CBD for Psoriasis: General Medical Implications and Patient Evidence
Given the condition of psoriasis as an autoimmune and inflammation-inducing disease, it would make sense that CBD would act as a “rubber-and-road” treatment option considering its well-documented roles as both an anti-inflammatory drug and an immune-modulator.
One study* in particular has shown the role of cannabinoids (CBD) in suppressing both inflammatory cytokines and angiogenic growth factors (two of the key constituents involved in the symptomatic onset of psoriasis) within epithelial layers.
Moreover, the National Organization for the Reform of Marijuana Laws (NORML) has described the endocannabinoid system (ECS), which is a 100% innate network of cannabinoids and cannabinoid receptors inside the human body, as perhaps “the most important physiologic system involved in establishing and maintaining human health” due to its role as a regulator of homeostasis. (Homeostasis of course being the body’s ability to respond to harmful stimuli).
Intriguingly enough, publications have also pointed to the existence of a functional ECS within the skin layers responsible for onset psoriasis, identifying the ability of cannabinoid receptors within these layers to “control the proper and well-balanced proliferation, differentiation, [and] immune competence and/or tolerance of skin cells.”
Pretty compelling stuff, to say the least.
And of course, all of this is supplemental to the fact that many psoriasis sufferers (however anecdotal their cases may be) are already finding reliable, effective relief in the form of CBD oil, and have been for years.
CBD for Psoriasis: What the studies have shown
We’ve already of course briefly gone over two of the key publications pointing to CBD as a potential treatment option for psoriasis, with one showcasing the presence of a functional endocannabinoid system within skin cell layers, and another pinpointing the role of cannabinoids as anti-inflammatory agents within the specific psoriatic pathway.
Another recent study has pointed to CBD’s inhibitory effects on the proliferation of “epidermal keratinocyte differentiation” – in other words, the inhibition of uncontrolled skin cell reproduction.
As did the previously mentioned study, this publication has also verified the presence of cannabinoid receptors within human skin layers, and also has verified their presence in anandamide, which is a cannabinoid receptor ligand that has been shown to directly inhibit epidermal (skin) cell differentiation.
Studies like this one and the other two previously mentioned have effectively showcased CBD’s potential to influence, manipulate, and ultimately correct both the underlying conditions of psoriasis and the onslaught of symptoms and medical side effects brought on by its characteristic pathways.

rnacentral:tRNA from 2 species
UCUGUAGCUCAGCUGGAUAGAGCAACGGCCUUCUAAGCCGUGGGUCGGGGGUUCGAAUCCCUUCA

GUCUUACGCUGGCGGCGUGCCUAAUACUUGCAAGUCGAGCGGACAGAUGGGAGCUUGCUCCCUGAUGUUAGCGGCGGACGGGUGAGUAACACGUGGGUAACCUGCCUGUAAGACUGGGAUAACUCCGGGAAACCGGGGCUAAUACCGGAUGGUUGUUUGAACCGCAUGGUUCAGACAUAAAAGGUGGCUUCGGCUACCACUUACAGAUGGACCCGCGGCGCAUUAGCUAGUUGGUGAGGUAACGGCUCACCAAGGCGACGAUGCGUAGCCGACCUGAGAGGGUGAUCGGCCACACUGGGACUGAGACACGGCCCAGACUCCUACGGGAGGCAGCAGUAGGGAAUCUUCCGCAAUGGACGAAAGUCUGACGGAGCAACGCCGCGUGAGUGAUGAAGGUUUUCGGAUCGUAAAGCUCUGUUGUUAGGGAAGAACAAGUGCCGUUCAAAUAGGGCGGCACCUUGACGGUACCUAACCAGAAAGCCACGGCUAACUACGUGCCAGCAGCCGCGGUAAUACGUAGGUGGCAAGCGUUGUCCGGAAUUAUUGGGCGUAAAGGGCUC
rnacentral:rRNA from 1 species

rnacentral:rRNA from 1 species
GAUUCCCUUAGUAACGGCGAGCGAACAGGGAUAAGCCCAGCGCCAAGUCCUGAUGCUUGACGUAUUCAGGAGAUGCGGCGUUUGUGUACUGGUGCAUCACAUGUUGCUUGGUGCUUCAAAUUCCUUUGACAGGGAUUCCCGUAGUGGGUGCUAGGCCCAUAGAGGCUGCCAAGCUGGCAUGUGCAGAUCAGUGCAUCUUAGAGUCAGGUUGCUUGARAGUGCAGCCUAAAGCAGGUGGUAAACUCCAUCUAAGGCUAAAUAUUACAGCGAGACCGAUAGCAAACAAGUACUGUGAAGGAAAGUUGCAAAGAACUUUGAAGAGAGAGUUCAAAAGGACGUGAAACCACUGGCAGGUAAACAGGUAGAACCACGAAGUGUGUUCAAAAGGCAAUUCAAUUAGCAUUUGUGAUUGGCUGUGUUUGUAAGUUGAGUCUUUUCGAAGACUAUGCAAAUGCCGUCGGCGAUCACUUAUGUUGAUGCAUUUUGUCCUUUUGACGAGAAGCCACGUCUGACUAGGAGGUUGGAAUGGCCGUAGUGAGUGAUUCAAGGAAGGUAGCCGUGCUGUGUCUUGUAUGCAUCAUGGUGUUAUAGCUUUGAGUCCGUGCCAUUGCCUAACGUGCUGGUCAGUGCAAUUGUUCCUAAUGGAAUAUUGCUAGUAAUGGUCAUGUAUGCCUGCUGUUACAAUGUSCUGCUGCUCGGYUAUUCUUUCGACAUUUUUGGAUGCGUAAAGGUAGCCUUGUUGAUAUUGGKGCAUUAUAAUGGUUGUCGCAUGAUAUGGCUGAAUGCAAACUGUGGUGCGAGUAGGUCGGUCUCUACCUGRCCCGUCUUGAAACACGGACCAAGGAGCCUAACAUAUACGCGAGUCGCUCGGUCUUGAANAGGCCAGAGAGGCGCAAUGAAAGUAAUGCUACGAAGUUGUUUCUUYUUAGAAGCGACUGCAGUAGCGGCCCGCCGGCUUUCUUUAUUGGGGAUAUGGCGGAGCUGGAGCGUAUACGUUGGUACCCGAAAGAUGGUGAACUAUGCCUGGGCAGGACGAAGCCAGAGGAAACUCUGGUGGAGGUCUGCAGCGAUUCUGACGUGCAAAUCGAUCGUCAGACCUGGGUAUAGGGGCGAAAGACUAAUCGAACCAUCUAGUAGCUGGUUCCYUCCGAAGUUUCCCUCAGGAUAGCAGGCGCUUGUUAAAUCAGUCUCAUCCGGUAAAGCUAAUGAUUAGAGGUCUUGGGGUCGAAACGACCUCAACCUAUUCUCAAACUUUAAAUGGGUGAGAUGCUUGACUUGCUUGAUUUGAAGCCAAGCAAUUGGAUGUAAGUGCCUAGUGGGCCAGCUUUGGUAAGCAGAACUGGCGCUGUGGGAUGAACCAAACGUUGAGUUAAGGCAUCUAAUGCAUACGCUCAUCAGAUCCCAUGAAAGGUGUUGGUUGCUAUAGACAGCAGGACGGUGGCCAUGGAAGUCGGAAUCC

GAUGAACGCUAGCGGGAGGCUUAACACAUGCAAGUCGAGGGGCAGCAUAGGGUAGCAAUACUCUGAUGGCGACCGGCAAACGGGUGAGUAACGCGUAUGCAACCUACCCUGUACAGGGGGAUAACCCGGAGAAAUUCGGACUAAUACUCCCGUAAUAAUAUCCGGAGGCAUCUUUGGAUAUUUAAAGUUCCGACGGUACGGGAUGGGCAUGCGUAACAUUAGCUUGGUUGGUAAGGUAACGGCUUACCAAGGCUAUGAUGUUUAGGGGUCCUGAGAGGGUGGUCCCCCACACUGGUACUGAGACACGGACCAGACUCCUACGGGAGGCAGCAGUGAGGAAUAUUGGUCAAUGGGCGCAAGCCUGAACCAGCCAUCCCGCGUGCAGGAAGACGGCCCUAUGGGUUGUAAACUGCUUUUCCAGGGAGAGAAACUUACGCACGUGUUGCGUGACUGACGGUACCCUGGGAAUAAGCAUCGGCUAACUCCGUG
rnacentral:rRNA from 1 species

And lastly, one more thing of note, we mentioned earlier about the dangerous prevalence of clinical depression among victims of psoriasis; compared to the average population, they’re over 50% more likely to display characteristics of the mental illness. In light of that overwhelming statistic, it’s important to mention the well-documented therapeutic benefits of cannabis – in particular CBD – on emotional and psychological conditions such as depression.
Finally, it’s imperative to mention that unlike THC, CBD will not get you high. THC is the psychoactive ingredient in cannabis, meaning it’s the ingredient responsible for disrupting people’s mental and motor processes. CBD, on the other hand, contains zero of these psychoactive properties; it displays all of the medicinal benefits of cannabis, without the mind-altering side effects.
The Bottom Line: CBD Oil for Psoriasis
In light of the research discussed, it’s clear that the speculation for CBD to be a viable medical treatment option for psoriasis has more than distinguishable merits. On the condition of its underlying medical bases, the cannabinoid compound works to suppress both the inflammation-inducing agents and the skin cell proliferation pathways consistent with the disease. Moreover, it acts as a more than capable therapeutic factor in the treatment of onset symptoms, specifically with regard to its roles in pain and depression management.
If you’ve been considering CBD oil for psoriasis as a treatment for your own condition, it certainly is an option worth considering. As is always the case, though, it’s important to do your own research and if possible, to speak with a medical professional about some specific tinctures and application methods that can be suited to your unique condition.